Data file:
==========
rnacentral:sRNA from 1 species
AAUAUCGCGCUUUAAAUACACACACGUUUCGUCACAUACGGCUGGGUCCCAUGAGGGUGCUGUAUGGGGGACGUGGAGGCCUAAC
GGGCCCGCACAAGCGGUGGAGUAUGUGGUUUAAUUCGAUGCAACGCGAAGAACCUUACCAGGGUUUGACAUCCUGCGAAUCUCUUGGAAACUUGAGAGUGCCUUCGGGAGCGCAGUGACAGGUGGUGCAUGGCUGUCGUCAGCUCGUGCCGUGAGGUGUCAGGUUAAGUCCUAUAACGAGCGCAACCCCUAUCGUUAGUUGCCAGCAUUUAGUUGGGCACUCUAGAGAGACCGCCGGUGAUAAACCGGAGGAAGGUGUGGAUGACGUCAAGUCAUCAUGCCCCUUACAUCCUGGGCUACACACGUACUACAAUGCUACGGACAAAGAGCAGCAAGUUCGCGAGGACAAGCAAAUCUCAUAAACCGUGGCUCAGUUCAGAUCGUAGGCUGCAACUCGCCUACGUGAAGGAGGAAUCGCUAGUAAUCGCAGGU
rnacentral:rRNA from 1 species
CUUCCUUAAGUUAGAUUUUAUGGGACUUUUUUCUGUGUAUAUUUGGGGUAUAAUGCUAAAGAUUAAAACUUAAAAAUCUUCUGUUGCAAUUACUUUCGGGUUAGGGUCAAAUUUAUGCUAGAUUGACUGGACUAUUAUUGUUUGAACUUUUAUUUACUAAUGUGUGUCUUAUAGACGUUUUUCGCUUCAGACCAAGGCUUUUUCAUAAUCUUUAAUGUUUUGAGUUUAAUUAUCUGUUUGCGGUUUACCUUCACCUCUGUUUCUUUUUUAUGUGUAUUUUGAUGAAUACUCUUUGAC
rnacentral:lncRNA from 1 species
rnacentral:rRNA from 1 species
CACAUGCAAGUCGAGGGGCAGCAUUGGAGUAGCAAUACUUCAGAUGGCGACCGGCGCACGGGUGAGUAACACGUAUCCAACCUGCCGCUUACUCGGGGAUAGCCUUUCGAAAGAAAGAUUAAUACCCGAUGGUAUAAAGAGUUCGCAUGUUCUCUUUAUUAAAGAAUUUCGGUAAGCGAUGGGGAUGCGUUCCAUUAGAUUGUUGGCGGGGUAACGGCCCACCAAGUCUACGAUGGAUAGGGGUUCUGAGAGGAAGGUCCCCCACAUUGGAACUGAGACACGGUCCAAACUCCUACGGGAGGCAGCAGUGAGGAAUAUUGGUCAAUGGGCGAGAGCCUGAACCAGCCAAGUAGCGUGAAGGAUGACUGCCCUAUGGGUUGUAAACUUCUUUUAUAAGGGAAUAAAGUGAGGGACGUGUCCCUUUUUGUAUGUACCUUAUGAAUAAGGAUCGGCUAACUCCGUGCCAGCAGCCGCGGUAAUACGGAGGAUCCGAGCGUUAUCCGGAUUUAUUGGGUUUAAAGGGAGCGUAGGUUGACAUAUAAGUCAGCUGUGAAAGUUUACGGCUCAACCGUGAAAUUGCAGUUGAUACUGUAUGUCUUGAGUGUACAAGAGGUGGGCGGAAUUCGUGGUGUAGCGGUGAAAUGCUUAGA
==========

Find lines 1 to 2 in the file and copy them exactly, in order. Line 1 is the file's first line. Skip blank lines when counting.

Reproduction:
rnacentral:sRNA from 1 species
AAUAUCGCGCUUUAAAUACACACACGUUUCGUCACAUACGGCUGGGUCCCAUGAGGGUGCUGUAUGGGGGACGUGGAGGCCUAAC